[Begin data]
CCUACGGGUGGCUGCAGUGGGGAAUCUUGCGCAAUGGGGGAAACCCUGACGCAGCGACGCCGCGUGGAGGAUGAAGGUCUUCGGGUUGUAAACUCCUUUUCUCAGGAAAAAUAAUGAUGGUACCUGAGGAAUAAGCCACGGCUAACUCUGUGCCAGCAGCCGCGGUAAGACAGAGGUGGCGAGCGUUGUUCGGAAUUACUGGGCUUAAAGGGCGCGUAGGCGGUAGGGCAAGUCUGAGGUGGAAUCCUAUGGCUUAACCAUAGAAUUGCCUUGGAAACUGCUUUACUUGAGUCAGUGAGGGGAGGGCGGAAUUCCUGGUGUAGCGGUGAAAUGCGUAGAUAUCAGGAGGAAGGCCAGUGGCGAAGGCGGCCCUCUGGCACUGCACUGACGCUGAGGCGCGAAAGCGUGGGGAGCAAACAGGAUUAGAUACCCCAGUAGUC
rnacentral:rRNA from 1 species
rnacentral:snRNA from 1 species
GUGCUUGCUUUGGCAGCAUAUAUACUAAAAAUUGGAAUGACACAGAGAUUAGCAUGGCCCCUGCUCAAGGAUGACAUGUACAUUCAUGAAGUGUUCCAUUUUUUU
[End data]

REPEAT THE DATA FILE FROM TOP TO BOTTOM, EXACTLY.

CCUACGGGUGGCUGCAGUGGGGAAUCUUGCGCAAUGGGGGAAACCCUGACGCAGCGACGCCGCGUGGAGGAUGAAGGUCUUCGGGUUGUAAACUCCUUUUCUCAGGAAAAAUAAUGAUGGUACCUGAGGAAUAAGCCACGGCUAACUCUGUGCCAGCAGCCGCGGUAAGACAGAGGUGGCGAGCGUUGUUCGGAAUUACUGGGCUUAAAGGGCGCGUAGGCGGUAGGGCAAGUCUGAGGUGGAAUCCUAUGGCUUAACCAUAGAAUUGCCUUGGAAACUGCUUUACUUGAGUCAGUGAGGGGAGGGCGGAAUUCCUGGUGUAGCGGUGAAAUGCGUAGAUAUCAGGAGGAAGGCCAGUGGCGAAGGCGGCCCUCUGGCACUGCACUGACGCUGAGGCGCGAAAGCGUGGGGAGCAAACAGGAUUAGAUACCCCAGUAGUC
rnacentral:rRNA from 1 species
rnacentral:snRNA from 1 species
GUGCUUGCUUUGGCAGCAUAUAUACUAAAAAUUGGAAUGACACAGAGAUUAGCAUGGCCCCUGCUCAAGGAUGACAUGUACAUUCAUGAAGUGUUCCAUUUUUUU